Could fashion's use of exotic skins and fur fuel the next pandemic?

Photo credit: Daniel Zuchnik - Getty ImagesPhoto credit: Daniel Zuchnik - Getty Images
Photo credit: Daniel Zuchnik – Getty Images

From Harper’s BAZAAR

The coronavirus crisis has turned a spotlight on squalid live-animal meat markets, where sick and stressed animals of all types are crowded together in public areas – creating the perfect breeding ground for dangerous zoonotic diseases that can jump the species barrier and infect humans. Just recently, a number of health agencies including the United Nations and the World Health Organisation joined forces to highlight humanity’s “broken relationship with nature” and analyse the reasons behind all the diseases being transmitted from animals to humans.

According to the US Centers for Disease Control and Prevention, “Approximately 75 percent of recently emerging infectious diseases affecting people began as diseases in animals.” Confining and killing animals for exotic skins and furs used in luxury fashion also brings humans into contact with animals in conditions conducive to disease transmission. Indulging in pieces that fuel the fur and exotic-skins trade could very well cause the next pandemic.

Conservation experts have issued a warning that the global trade in the skins of exotic animals killed to make bags, belts, and boots can contribute to the spread of diseases to humans. The industry is directly linked to meat markets like the one in Wuhan, China, where coronavirus is believed to have originated. When alligators, crocodiles, snakes, and stingrays are killed for their skin, their flesh is often sold as “exotic meat” at markets in Africa and Southeast Asia, helping these businesses stay profitable. Exposés by PETA and its international affiliates have revealed that alligators raised for their skin are packed together in pools of fetid water with highly unhygienic conditions. Crocodiles are confined by the thousands to concrete pits from birth until slaughter. Workers who handle these animals – sometimes without proper protective gear – are playing Russian roulette with their health. We already know that interacting with reptiles puts humans at risk of various bacterial infections, and filthy conditions create potentially dangerous breeding grounds for many zoonotic pathogens, such as the West Nile virus, salmonella, vibrio, E coli, and trichinella.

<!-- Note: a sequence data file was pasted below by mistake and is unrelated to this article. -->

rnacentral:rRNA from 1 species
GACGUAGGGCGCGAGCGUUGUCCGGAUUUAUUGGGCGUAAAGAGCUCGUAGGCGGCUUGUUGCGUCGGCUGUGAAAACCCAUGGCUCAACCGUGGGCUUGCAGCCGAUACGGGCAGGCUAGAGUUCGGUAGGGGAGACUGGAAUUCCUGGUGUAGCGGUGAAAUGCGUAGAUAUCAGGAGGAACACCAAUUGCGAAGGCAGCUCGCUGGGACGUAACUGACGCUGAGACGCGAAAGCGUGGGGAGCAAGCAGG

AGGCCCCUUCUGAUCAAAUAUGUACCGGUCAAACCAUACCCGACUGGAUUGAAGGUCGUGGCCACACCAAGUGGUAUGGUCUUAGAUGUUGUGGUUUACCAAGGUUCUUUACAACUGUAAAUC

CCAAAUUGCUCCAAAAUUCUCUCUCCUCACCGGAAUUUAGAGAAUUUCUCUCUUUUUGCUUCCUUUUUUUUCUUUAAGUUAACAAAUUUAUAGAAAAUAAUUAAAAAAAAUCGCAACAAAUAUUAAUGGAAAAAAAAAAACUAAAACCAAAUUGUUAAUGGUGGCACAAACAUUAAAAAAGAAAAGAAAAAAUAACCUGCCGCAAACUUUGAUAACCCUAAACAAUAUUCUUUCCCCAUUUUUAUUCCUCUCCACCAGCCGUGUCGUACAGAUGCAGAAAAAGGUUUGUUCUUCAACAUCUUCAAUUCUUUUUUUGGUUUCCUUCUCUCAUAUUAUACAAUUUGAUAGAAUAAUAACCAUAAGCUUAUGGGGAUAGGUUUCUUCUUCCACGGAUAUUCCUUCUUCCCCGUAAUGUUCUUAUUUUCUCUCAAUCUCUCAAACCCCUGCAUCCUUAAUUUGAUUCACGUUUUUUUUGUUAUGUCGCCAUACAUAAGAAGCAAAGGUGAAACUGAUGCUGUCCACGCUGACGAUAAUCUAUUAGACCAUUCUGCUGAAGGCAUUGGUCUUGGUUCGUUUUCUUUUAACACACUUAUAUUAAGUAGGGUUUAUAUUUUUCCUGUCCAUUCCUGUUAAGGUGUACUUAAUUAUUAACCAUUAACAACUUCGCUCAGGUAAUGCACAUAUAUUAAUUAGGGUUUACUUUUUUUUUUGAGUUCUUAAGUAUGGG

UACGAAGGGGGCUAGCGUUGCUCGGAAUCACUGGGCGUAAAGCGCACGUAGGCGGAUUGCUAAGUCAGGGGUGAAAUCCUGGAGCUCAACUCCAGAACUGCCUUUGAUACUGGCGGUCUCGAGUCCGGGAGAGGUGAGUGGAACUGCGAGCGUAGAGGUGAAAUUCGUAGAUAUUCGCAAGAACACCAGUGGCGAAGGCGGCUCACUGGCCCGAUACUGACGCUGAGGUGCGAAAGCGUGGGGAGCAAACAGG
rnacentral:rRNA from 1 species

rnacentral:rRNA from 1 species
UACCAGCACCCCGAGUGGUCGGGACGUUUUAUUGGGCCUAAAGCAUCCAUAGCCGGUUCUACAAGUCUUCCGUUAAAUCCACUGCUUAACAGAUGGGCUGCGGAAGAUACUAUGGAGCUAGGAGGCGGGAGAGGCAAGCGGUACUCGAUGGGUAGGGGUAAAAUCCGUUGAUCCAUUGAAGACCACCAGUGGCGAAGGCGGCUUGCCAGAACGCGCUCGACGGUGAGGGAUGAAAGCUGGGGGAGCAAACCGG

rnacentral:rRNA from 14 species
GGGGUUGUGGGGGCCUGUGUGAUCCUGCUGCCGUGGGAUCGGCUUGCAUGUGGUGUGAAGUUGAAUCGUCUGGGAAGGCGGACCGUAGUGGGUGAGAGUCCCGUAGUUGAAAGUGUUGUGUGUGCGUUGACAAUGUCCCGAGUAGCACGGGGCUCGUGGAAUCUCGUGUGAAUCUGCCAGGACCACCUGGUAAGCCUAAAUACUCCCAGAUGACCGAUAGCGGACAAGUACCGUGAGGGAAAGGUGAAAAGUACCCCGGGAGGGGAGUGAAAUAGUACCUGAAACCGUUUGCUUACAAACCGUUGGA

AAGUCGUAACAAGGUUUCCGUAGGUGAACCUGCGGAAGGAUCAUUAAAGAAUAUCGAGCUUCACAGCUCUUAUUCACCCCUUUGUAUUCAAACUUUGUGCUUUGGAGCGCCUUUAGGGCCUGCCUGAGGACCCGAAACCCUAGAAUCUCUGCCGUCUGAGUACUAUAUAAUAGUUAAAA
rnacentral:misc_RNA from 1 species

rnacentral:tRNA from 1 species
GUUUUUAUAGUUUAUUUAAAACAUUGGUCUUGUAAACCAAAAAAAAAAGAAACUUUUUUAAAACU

When farmed alligators and crocodiles reach the end of their typically miserable lives, it’s standard practice to club them repeatedly over the head, stab them in the back of the neck or jam a metal rod down their spine and then skin them – often while they’re still alive – for the production of purses and shoes. Snakes are commonly nailed to trees, and their bodies are slit open from one end to the other. These grossly unsanitary practices pose a serious threat to public health.

Photo credit: AFP - Getty ImagesPhoto credit: AFP - Getty Images
Photo credit: AFP – Getty Images

On fur farms, minks, foxes, raccoon dogs, and other animals are confined to cramped wire cages, either stacked or adjacent to one another, that allow for cross-contamination through urine, excrement, pus, and blood, making it easy for contagious diseases to spread – not unlike conditions at live-animal markets. As the novel coronavirus tore through fur farms in the Netherlands, the government there ordered hundreds of thousands of minks to be gassed to death to stop the spread. Some 11,000 minks infected with the novel coronavirus on a fur farm in Denmark were also killed. Minks were among the animals infected during the SARS outbreak in 2003, and they are known to carry pathogens and diseases that can be passed on to humans, including hepatitis E, influenza, and salmonella.

Since the outbreak in the Netherlands, the Dutch Parliament has voted to close all 128 mink farms in the country. This measure was originally scheduled to take effect in 2024, but PETA Netherlands and other animal rights groups pointed out that keeping these facilities open for another four years would be a serious threat to public health. Some fashion brands have already banned exotic skins and furs from its collections, including Vivienne Westwood, Chanel, Mulberry and Victoria Beckham, and California is the first state to ban the sale and manufacture of new fur products, but still more needs to be done.

The world is a very different place from what it was even a few months ago, and it would be foolhardy to continue doing business as usual while we struggle to cope with a global crisis caused by our exploitation of animals. This pandemic represents an opportunity for the fashion industry to rethink its values – and that must involve removing animal skins from the racks and making the transition to cutting-edge, sustainable vegan materials.

Yvonne Taylor is the director of corporate projects at People For the Ethical Treatment of Animals (PETA).

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